Code Simplification

In parallel with the Market Governance Review, together with the Panel, we are looking at the market code documents themselves. 

This Market Codes Review will consider the clarity and structure of the market codes (i.e. the rule books). It will seek to simplify the way obligations and processes (“the rules”) are captured in the current market documents. By making the rules easier to interpret, easier to navigate and easier to change, indirect costs associated with code complexity can be reduced. 


Looking ahead

While more challenges lie ahead, I have been impressed at the way our industry has tackled the issues raised by COVID-19, demonstrating an ability to work positively, collaboratively and with agility to seek the best outcomes for the market and customers. 

Technology has allowed us to come together. It has enabled greater engagement and transparency. Going forward, I anticipate this approach will become part of the “new normal” and it will facilitate greater efficiency and participation in industry governance.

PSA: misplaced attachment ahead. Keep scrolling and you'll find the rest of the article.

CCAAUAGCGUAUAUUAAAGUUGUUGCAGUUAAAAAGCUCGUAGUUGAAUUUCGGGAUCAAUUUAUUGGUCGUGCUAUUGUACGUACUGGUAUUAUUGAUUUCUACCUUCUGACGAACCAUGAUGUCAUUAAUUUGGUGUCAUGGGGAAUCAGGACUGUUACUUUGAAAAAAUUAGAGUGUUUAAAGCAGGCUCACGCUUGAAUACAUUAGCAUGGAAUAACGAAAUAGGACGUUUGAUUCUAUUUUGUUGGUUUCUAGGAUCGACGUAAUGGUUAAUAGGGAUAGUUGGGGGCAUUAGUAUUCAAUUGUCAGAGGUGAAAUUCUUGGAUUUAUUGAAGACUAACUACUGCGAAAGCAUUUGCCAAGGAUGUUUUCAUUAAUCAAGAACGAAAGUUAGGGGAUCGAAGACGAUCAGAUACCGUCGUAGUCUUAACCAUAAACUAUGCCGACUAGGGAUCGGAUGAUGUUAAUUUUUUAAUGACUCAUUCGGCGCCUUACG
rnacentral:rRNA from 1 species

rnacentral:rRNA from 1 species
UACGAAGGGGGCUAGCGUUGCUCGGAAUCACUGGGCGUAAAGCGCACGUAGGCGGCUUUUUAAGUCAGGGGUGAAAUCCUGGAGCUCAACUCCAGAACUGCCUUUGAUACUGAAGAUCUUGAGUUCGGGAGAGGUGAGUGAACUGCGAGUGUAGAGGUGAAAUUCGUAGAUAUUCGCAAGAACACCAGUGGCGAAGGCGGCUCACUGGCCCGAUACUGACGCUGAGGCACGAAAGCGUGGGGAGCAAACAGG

It is positive that this market is asking similar governance questions to those arising in other utilities but at a much earlier stage in its lifecycle. 

The Market Governance Review and the Market Codes Review present great opportunities to ensure our market governance promotes easy and active engagement and supports improvement and innovation for the benefit of customers both now and in the future. I’m really looking forward to building on our collective experiences to build best practice and empower the market through efficient and effective self-governance.

 To find out more about the non-household retail water market governance visit our governance webpage.